Some plants can be real pests. They pop up where they don't belong, and instead of going away, stick around and make life miserable for all of the other plants (and animals) around them. Nonnative, invasive plants are species that come from another country-or region of our country-and spread so quickly they are difficult to get rid of. Test yourself on how well you know these plants. All of the answers can be found in Bay Naturalist, "Don't let alien invaders take over Bay's landscape," which begins on the back page.
1. True or false? All nonnative plants are threats to local ecosystems.
2. Three of these four statements are facts about nonnative invasive species. Which is the false statement?
A. Some spread aggressively by runners (a trailing stem that produces shoots) or rhizomes (horizontal, underground roots that can sprout shoots above the ground, or more roots).
B. Native predators and diseases prevent them from spreading.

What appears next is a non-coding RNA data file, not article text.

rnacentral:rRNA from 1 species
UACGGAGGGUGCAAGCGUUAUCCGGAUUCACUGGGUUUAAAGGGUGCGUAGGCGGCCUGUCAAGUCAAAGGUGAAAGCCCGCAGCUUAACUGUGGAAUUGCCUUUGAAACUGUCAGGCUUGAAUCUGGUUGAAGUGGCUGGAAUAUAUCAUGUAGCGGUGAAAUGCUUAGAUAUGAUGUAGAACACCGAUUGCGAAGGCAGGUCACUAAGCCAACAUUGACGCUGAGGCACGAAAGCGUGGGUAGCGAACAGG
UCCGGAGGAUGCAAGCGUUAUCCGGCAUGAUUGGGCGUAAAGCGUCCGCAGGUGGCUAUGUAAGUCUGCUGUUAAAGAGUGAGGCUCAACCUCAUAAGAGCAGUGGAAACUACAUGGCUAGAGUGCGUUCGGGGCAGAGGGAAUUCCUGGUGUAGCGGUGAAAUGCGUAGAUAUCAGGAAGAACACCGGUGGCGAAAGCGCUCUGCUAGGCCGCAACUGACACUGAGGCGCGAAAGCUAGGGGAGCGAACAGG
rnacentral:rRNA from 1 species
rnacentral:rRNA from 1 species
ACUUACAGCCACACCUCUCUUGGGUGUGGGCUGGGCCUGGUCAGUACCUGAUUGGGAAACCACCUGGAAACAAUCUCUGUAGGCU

C. Some grow fast and produce seeds early.
D. Some produce a lot of seeds per year.
3. How do nonnative invasive plants harm native species?
A. They grow more quickly and block out the sun before it reaches native plants.
B. Their roots grow more quickly, allowing them to take up nearby water and nutrients faster.
C. They change the balance between native plants, soil, animals and water.
D. All of the above.
4. How much does it cost the United States each year in damages, or to control, nonnative invasive animals and plants?
A. $120 billion
B. $120 million
5. What human activities are hurt by invasive nonnative species?
B. Boating & Fishing
D. All of the above
1. False (There are many nonnative plants that are important to agriculture, forestry and horticulture. They do not pose a problem until they become invasive.)